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A Zombie's History of the United States

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This straight-faced, smart and highly entertaining book presents a Howard Zinn-like real history of the United States and the role its suppressed zombie minority has played in every major event. After years of stealthy research in the vaults of the CIA and the FBI, the author of this shocking book provides disturbing proof that centuries of systematic suppression by Democrats and Republicans alike have kept secret the darkest truth of America's past. Now someone has finally brought to light the 500-year history of America's most invisible minority. From indigenous cave paintings of the walking dead to the fossilized remains of chewed-open skulls, the archaeological record shows that zombies were active in the Americas long before the first Europeans arrived. As it turns out, those brave souls in Jamestown and Plymouth didn't merely confront hostile Indians and a harsh environment, they found themselves face to face with the living dead! Throughout every era, the living dead played a pivotal role American history, but the government has held down and kept secret its zombie underclass. Now more than ever, as immigration and terrorism challenge America's future, it is vital that we hear the real story of U.S. history and come to terms with the zombies living among us.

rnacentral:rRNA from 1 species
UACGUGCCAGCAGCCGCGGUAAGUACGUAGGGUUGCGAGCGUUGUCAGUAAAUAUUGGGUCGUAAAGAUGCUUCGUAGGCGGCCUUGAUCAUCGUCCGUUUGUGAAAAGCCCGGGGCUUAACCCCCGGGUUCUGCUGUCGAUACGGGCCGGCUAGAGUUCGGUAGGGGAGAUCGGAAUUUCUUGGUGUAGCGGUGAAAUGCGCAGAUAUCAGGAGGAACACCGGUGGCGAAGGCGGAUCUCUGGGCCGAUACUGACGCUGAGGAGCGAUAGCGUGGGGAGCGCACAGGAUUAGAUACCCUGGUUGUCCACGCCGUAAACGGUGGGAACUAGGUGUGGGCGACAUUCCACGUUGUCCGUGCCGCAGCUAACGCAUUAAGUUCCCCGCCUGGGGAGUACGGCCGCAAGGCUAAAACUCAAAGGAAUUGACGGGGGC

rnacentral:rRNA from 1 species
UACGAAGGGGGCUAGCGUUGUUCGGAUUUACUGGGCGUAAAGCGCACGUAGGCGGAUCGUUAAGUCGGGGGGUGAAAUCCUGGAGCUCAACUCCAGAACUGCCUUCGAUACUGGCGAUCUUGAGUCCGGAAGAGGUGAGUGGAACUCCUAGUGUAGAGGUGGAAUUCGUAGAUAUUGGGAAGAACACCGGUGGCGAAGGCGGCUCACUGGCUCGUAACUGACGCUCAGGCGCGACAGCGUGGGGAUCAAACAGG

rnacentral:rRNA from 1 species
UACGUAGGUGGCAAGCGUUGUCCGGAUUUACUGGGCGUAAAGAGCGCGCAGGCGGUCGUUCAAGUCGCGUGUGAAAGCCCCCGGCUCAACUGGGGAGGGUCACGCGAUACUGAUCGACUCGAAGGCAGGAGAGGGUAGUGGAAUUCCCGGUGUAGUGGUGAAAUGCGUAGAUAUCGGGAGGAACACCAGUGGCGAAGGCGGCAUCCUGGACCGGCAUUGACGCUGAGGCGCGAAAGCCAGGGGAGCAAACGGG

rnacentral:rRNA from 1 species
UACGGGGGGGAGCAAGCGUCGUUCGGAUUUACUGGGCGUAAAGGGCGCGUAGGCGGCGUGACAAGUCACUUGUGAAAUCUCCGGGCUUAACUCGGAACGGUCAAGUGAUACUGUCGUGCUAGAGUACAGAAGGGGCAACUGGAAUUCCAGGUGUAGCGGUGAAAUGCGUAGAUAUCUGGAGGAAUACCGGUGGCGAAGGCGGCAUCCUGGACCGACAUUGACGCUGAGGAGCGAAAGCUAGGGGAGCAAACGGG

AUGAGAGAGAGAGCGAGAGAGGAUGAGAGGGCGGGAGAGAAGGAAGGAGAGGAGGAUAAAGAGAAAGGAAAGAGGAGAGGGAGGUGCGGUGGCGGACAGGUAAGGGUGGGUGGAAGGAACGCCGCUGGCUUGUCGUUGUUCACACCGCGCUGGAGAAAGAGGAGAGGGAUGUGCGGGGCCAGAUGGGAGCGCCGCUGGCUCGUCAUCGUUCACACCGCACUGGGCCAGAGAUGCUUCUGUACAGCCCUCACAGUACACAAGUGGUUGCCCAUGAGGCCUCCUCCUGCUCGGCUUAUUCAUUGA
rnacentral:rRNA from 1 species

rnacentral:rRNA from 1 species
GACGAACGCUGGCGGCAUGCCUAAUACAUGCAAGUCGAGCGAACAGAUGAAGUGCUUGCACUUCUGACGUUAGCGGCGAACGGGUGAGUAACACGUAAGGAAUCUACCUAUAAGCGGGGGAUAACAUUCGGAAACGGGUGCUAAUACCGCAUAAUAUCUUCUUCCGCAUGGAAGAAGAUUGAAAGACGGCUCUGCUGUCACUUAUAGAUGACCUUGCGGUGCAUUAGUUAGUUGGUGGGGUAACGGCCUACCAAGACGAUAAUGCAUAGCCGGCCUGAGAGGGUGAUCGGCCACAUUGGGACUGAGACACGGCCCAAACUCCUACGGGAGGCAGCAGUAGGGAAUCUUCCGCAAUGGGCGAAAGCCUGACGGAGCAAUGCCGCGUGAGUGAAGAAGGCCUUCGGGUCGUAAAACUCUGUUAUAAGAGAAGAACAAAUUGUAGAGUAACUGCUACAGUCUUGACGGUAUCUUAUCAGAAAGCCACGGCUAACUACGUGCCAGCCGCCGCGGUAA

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Table of Contents